Cupid’s arrow may pierce your heart on Valentine’s Day but it doesn’t have to strike straight through to your wallet, too. Despite the popular thinking that anything remotely romantic will cost more on Feb. 14, that’s just not true.
Still, there’s no question that people spend money and a lot of it on Valentine’s Day. In 2017, spending that day is expected to reach $18.2 billion, according to a National Retail Federation survey — down from last year’s $19.7 billion.
But purchases offer a mixed bag of pricing. It has to do with the supply of and demand for what you want to buy, where you live, the day of the week that Valentine’s falls on (it’s a Tuesday this year), and what retailers and restaurant owners must pay their suppliers.
Most people celebrate with a night out for dinner, flowers and chocolates, and are expected to spend an average $136.57 this year, the NRF says. Others may splurge on bigger-ticket items like diamonds. And uber-romantics might even opt for a Valentine’s wedding. Some of those will cost more, others may be surprisingly good deals.
Here’s a closer look at some examples.
The Bankrate Daily
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Flowers are one of the most popular Valentine’s gifts in 2017, according to the NRF. While the type of flower wasn’t indicated, roses often are considered the signature Valentine’s bloom. But those delicate blossoms carry a price tag for Valentine’s Day that’ll have you taking a deep breath for more than the fragrance.
A dozen roses, depending on where you are and how easily roses can be shipped there, typically cost from $50 to $90 on most days, says Jamie Jamison Adams, a spokeswoman for FlowerShopNetwork.com.
But for Valentine’s Day, figure on paying another 15 percent to 20 percent, from about $60 to almost $110, she says. Another website, BloomNation, puts the average cost of a dozen red roses at $94.29.
Things like bad weather for growers in California and Colombia, two of the biggest sources for roses, can affect prices. Even so, Valentine’s is the biggest day of the year for florists, says Wendy Kidd, president of the American Association of Certified Wedding Planners.
If your beloved takes good care of those $100 roses, they should last about two weeks.
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Nationally, the average check for two people for a complete meal with alcoholic beverages at a fine-dining restaurant on Valentine’s Day in 2016 was $96, which was 1 percent less than in 2015.
The same meal on other days would cost about $85. But a lot depends on location because the same meal in Des Moines, Iowa, will cost less than in New York City, says NPD Group’s Kim McLynn.
Some restaurants charge more for special Valentine’s items that aren’t usually on the menu while others offer a prix fixe dinner (a set price for a pre-selected limited menu) that can be quite reasonable compared to what you’d pay for the same items on the regular menu any other day.
At Chris’ Jazz Café in Philadelphia, owner and chef Mark Deninno raises prices for Valentine’s Day because of high demand for certain items. Many diners want lobster, which usually costs Deninno $6.99 per pound. But a week or two before Valentine’s Day, his suppliers hike their prices to about $10 per pound "because everyone needs it to run on their menus, and that gets passed on to the consumer," he says.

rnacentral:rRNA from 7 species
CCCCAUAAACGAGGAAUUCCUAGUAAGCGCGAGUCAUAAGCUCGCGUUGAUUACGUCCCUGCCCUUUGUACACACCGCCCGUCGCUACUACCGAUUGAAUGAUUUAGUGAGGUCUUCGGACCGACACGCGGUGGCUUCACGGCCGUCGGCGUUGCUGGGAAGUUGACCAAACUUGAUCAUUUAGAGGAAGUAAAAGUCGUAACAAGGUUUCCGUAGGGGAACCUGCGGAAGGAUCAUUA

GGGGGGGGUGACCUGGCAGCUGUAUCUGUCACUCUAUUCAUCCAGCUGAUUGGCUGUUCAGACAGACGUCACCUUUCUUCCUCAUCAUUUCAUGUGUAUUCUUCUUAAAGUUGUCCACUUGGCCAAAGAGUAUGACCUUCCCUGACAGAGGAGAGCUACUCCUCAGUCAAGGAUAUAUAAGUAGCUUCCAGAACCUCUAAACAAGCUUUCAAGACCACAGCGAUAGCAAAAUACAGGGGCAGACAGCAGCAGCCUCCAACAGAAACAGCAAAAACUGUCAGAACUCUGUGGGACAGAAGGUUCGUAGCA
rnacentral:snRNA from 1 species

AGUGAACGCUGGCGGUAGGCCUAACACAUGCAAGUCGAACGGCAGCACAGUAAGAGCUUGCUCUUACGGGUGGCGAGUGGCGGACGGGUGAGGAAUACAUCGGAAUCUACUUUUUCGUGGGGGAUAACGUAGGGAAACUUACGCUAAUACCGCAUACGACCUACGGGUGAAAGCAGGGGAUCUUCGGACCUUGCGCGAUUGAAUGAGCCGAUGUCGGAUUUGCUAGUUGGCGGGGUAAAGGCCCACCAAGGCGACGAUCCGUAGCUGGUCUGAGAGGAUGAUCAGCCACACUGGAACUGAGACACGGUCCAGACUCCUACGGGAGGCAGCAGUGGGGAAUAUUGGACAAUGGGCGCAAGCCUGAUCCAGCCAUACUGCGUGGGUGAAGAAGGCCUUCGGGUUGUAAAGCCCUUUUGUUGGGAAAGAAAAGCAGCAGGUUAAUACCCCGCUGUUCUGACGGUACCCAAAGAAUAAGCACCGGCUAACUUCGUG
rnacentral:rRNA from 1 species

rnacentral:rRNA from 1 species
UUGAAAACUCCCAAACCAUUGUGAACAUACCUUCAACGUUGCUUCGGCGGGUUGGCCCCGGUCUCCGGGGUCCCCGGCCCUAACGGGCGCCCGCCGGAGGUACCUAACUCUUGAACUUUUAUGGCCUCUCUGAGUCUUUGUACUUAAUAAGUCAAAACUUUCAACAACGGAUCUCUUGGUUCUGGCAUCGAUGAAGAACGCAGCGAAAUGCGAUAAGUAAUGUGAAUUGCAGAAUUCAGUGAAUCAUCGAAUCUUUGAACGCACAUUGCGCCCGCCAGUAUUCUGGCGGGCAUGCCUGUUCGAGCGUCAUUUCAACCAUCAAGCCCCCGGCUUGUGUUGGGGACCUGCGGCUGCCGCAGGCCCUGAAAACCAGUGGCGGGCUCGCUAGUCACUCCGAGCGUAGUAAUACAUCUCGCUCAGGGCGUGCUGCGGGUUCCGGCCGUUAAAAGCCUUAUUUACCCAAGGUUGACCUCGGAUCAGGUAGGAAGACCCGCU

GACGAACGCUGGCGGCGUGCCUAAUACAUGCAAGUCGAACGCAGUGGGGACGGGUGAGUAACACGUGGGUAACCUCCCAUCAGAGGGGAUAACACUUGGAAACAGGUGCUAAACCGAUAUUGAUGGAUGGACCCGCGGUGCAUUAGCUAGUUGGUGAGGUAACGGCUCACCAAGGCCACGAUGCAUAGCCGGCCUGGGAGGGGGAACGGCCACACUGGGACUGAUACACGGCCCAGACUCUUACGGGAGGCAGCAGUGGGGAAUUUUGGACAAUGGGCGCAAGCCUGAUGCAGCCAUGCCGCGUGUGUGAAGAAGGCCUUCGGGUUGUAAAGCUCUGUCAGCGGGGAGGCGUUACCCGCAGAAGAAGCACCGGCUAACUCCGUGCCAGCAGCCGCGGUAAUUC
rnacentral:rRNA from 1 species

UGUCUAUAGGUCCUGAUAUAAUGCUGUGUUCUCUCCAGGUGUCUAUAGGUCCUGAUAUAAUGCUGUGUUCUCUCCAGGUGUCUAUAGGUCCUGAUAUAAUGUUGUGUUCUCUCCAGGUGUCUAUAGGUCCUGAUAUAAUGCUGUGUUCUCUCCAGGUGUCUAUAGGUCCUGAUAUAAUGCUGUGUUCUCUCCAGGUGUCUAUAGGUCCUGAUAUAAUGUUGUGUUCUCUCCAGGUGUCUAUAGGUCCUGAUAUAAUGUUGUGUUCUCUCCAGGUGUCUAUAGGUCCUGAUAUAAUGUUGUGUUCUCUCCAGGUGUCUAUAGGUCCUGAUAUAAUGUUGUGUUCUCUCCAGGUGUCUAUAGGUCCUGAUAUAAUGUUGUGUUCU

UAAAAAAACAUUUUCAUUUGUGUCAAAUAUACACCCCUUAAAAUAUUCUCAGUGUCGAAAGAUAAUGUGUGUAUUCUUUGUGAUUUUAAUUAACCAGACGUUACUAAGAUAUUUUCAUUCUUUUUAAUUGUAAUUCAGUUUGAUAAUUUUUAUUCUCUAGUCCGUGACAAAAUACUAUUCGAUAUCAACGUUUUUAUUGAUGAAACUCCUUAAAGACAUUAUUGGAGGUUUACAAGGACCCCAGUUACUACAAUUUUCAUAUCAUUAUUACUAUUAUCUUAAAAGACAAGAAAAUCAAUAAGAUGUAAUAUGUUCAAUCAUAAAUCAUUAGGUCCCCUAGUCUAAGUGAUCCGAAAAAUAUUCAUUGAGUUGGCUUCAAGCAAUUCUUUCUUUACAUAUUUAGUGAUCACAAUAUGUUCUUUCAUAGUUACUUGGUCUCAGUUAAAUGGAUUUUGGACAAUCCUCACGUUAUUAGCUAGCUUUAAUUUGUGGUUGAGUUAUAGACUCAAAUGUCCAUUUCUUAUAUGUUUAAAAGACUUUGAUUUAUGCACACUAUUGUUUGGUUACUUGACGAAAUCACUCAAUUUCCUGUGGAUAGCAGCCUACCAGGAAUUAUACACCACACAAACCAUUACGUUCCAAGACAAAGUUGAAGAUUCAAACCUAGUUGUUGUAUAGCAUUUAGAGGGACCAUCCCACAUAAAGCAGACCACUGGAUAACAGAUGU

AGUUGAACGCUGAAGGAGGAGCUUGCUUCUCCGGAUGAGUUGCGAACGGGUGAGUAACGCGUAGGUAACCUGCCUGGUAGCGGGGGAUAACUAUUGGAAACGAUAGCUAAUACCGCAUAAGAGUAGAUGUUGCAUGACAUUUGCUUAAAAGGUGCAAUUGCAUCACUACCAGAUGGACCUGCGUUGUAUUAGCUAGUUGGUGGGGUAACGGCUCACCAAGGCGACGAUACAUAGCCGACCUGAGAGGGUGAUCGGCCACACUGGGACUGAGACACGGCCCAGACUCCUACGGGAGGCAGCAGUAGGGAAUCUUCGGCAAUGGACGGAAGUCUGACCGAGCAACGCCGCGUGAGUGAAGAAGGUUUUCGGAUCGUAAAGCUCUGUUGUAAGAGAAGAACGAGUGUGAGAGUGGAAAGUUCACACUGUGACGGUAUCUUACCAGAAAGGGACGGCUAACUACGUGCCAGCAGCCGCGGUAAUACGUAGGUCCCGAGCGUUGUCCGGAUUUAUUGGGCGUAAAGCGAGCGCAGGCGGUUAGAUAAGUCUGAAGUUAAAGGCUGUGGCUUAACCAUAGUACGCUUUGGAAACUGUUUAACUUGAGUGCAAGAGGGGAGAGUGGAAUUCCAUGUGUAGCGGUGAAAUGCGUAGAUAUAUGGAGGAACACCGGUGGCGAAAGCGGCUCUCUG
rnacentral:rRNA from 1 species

Appetizers that typically cost $8 to $12 will be $12 to $18 on Valentine’s Day. Entrees that cost $21 to $28 will be $28 to $55, he says.
"Prices go up because of the selections on the menu, which aren’t usually on it — caviar, truffles, foie gras," Deninno says. "Those are high-ticket items that replace some of the regular items."
Even so, Lawry’s The Prime Ribin Chicago offers a prix fixe Valentine’s dinner with a split of wine and chocolate-covered strawberries for $125 per couple, plus tax and gratuity. The dinner choice is a smaller cut of prime rib or the fish of the day, plus sides. On any other day, the beef would be $40 per person and the fish, $48, while sides would be extra. And the strawberries aren’t a regular menu item.
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Buyers will spent a total $4.3 billion for gifts of jewelry on Valentine’s Day in 2017, according to the NRF. But there’s jewelry and then there are diamonds, especially if you’re going to pop the big question.
And Valentine’s might just be the day to do it. Why?
Jewelers tend to reduce prices to spur business for the holiday, says NPD’s diamond industry analyst Edahn Golan. In 2016, a one-carat round diamond — the industry’s most popular shape and average carat weight — was $5,194, 6.6 percent less than in January and the least expensive average price during the year.
Expect that gem to be more expensive in March, Golan says.
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Though a wedding on Feb. 14 will be by far your biggest extravagance for the day, so few people actually marry in February that your event could cost 10 percent to 15 percent less than the average, says Shane McMurray, founder of the Wedding Report.
That can be quite a savings. In 2016, the average cost of a wedding reached an all-time high at $35,329, up from 2015’s average of $32,641, according to The Knot’s 2016 Real Wedding Study.
But costs vary widely by location, says wedding planner Wendy Kidd, owner of Each and Every Detail in the Dallas suburb of McKinney, Texas. Weddings in Dallas can run $40,000 to $50,000. But in McKinney — 30 miles away — that cost drops to about $35,000, says Kidd.
It all depends on what you want and choose. The full gamut includes invitations and decorations, gowns and tuxedos, flowers, limos, gifts for the wedding party, tips, entertainment, ceremony officiant, a hall or restaurant, photographer, planner, and food and drinks.